# [Haskell-cafe] Basic question concerning the category Hask (was: concerning data constructors)

Jonathan Cast jonathanccast at fastmail.fm
Sun Jan 6 00:38:19 EST 2008

```On 5 Jan 2008, at 6:03 PM, Yitzchak Gale wrote:

> Jonathan Cast wrote:
>>>> The normal view taken by Haskellers is that the denotations of
>>>>  So:
>>>> (1) Must be monotone
>>>> (2) Must be continuous
>>>> (Needn't be strict, even though that messes up the resulting
>>>> category substantially).
>
> I wrote:
>>> I'm not convinced that the category is all that "messed up".
>
>> Well, no coproducts (Haskell uses a lifted version of the coproduct
>> from CPO).
>
> What goes wrong with finite coproducts? The obvious thing to
> do would be to take the disjoint union of the sets representing the
> types, identifying the copies of _|_.

This isn't a coproduct.  If we have f x = 1 and g y = 2, then there
should exist a function h such that h . Left = f and h . Right = g,
i.e.,

h (Left x)
= f x
= 1

and
h (Right y)
= g y
= 2

But by your rule, Left undefined = Right undefined, so
1
= h (Left undefined)
= h (Right undefined)
= 2

Which is a contradiction.  Identifying Left _|_ and Right _|_
produces a pointed CPO, but it's not a coproduct.  Unless, of course,
your require your functions to be strict --- then both f and g above
become illegal, and repairing them removes the problem.

> What is the lifted version you are referring to?

Take the ordinary disjoint union, and then add a new _|_ element,
distinct from both existing copies of _|_ (which are still distinct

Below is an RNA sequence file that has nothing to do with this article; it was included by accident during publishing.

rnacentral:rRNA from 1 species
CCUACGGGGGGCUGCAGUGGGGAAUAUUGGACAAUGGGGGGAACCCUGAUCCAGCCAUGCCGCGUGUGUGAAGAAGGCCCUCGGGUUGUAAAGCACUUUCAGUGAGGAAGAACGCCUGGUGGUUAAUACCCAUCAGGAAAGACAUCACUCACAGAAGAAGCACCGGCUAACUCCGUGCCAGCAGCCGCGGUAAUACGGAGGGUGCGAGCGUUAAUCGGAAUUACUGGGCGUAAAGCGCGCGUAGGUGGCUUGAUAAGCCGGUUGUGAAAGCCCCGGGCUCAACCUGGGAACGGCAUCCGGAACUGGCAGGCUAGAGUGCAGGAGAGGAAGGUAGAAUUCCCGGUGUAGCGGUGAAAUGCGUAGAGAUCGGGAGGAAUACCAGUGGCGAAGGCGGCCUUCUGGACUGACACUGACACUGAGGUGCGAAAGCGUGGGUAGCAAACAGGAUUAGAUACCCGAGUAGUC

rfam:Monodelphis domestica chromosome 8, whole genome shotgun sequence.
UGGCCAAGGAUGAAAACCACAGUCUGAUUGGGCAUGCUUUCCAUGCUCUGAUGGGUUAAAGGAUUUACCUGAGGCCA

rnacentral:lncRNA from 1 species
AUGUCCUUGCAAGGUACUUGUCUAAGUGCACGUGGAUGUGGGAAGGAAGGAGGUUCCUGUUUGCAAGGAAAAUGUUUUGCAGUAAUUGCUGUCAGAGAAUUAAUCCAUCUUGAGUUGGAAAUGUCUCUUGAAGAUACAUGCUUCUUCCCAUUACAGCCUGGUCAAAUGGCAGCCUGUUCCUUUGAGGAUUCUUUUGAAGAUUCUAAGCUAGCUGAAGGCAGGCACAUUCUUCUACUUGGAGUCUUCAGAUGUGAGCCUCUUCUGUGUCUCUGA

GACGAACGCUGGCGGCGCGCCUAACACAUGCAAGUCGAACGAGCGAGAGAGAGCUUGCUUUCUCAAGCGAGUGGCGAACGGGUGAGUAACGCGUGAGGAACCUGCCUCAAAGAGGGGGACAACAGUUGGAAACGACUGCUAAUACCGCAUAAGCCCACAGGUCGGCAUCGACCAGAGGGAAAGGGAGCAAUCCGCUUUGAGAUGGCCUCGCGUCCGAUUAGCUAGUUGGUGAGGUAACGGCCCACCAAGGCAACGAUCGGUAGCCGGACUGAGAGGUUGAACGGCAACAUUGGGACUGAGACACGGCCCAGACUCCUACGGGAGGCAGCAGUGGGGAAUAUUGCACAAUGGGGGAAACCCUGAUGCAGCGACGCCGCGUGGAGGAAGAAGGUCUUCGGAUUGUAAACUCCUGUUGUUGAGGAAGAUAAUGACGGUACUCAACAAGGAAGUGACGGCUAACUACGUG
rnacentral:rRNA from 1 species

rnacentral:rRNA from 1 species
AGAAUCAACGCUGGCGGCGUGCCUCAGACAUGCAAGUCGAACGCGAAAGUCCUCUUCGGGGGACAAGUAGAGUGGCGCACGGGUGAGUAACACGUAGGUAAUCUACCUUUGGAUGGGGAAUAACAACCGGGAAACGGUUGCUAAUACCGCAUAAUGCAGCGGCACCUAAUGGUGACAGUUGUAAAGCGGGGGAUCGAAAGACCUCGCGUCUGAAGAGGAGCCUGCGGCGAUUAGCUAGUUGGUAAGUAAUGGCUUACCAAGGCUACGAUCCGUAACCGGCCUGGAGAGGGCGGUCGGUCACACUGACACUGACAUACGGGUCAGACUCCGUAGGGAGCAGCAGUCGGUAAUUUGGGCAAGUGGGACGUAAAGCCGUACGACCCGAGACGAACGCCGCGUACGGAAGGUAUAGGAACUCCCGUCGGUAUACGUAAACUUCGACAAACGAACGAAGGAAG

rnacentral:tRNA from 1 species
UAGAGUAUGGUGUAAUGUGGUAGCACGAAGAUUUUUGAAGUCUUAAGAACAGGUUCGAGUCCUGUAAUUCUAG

from each other).

>
>>  Of course, Haskell makes things even worse by lifting the
>> product and exponential objects,
>
> OK, what goes wrong there, and what is the lifting?

Again, in Haskell, (_|_, _|_) /= _|_.  The difference is in the function

f (x, y) = 1

which gives f undefined = undefined but f (undefined, undefined) =
1.  Unfortunately, this means that (alpha, beta) has an extra _|_
element < (_|_, _|_), so it's not the categorical product (which
would lack such an element for the same reason as above).
This is partly an implementation issue --- compiling pattern matching
without introducing such a lifting requires a parallel implementation
--- and partly a semantic issue --- data introduces a single level of
lifting, every time it is used, and every constructor is completely
lazy.

Functions have the same issue --- in the presence of seq, undefined /
= const undefined.

Extensionality is a key part of the definition of all of these
constructions.  The categorical rules are designed to require, in
concrete categories, that the range of the two injections into a
coproduct form a partition of the coproduct, the surjective pairing
law (fst x, snd x) = x holds, and the eta reduction law (\ x -> f x)
= f holds.  Haskell flaunts all three; while some categories have few
enough morphisms to get away with this (at least some times), Hask is
not one of them.

jcc

```